ERIC Identifier: ED371506
Publication Date: 1990-00-00
Source: ERIC Clearinghouse on Handicapped and Gifted Children Reston VA.
Managing Inappropriate Behavior in the Classroom. ERIC Digest #E408.
The atmosphere of the classroom has much to do with student behavior. The setting should be appealing, with attention given to varying the physical features and the schedule to prevent boredom in both the teacher and the student. Teachers should let students know specific do's and don'ts: which behaviors are expected or desired and which will not be tolerated. Then teachers must consistently reinforce the desired behaviors while ignoring or in some other way extinguishing the undesirable ones.
WHAT ABOUT ESTABLISHING RULES?
HOW CAN TEACHERS INCREASE STUDENT MOTIVATION FOR ACADEMIC TASKS?
WHAT ABOUT TOKEN ECONOMIES?
HOW CAN TEACHERS DECREASE UNWANTED BEHAVIOR?
Overcorrection is another possibility. Teachers instruct students to correct the inappropriate behavior and execute the act within a natural sequence of events. For example, in one case a child who mouthed objects was told "no" and required to brush his teeth and wipe his lips with a washcloth each time he put a potentially harmful or unhygienic object in his mouth.
Satiation involves actually giving students more of the event that the teacher ultimately wishes to eliminate. The classic example of this technique involves a hospital resident who hoarded towels. Staff began giving her towels-up to 60 per day-until she voluntarily returned more of them and ceased the hoarding.
WHAT ROLE DOES PUNISHMENT PLAY IN CLASSROOM MANAGEMENT?
A possible disadvantage of punishment is that its effects may overgeneralize, eliminating more behaviors that originally intended. Another difficulty is that the student might associate the technique with the person who administered it, causing ill feeling toward the teacher.
WHAT ABOUT TAKING SOMETHING AWAY TO DECREASE UNWANTED BEHAVIORS?
IF A TEACHER CAN'T CONCENTRATE ON INDIVIDUAL PROBLEMS, ARE THERE GROUP METHODS THAT WILL WORK?
*Independent group contingencies. Each student receives the same consequence for stated behavior, as in staying after class for out-of-seat behavior. Although easy to administer, this approach does not take into account individual student differences.
*Dependent group contingency. The same consequence is given to all members of a group. In order to receive the consequence, a selected member must perform at or better than a specified level. One student's behavior can influence the group's consequence. This approach can improve peer group behavior at the same time. A program in which a student accumulates free time for the entire class by on-task behavior may encourage fellow students to support his appropriate activity and not engage him in off-task interaction.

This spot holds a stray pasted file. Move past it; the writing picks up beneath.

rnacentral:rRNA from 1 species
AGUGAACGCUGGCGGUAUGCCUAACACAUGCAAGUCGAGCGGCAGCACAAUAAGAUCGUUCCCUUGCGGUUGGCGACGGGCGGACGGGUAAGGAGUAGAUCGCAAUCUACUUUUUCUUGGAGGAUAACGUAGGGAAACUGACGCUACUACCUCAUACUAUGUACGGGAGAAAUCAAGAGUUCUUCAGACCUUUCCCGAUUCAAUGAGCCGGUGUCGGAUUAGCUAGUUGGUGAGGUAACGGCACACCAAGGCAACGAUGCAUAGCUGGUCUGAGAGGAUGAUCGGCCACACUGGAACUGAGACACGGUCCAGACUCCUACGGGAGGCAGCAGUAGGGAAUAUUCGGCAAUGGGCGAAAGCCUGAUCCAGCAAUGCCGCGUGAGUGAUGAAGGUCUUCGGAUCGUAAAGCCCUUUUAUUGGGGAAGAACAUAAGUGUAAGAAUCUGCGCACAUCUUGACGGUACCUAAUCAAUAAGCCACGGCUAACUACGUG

*Group consequence, contingent on group. The entire class is considered as one group. An example is making free time dependent on appropriate behavior: an individual's inappropriate activity reduces the entire class's reward. This approach might be effective when several individuals are behaving inappropriately. However, repercussions might occur if group members feel unduly punished due to the behavior of an individual student.
WHAT ARE SOME GENERAL GUIDELINES FOR MANAGING INAPPROPRIATE BEHAVIOR?
1. Examine the events that maintain students' behavior.
2. Keep data to determine whether or not an approach is working. Compare behavior during baseline and treatment phases.
3. Consider a variety of techniques.
4. Combine approaches to be more effective. For example, a teacher might praise appropriate behavior while ignoring inappropriate behavior.
5. Concentrate on teaching new behaviors and deal with inappropriate ones only to the extent that they interfere with the individual's or group's learning.
The information in this digest is taken from "Managing Inappropriate Behaviors in the Classroom" by Thomas C. Lovitt, Reston, VA: The Council for Exceptional Children, 1978, 44 pp. (ED 157 255)
Johnston, L., and others. (1984). "Setting limits: Tips for teachers of young children." Project enlightenment. (ED 293 294)
Romney, D.M. (1986). "Dealing with abnormal behavior in the classroom. Fastback 245." 42 pp. (ED 275 944) Available from: Phi Delta Kappa Educational Foundation, Eighth and Union, Box 789, Bloomington, IN 47402
Smith, D.L. (1988). "Preparing teachers for classroom management decisions using simulated open-ended video vignettes." 11 pp. (ED 290 729)
Wolfgang, C.H., & Glickman, C.D. (1986). "Solving discipline problems: Strategies for classroom teachers." Second Edition. 330 pp. (ED 216 788)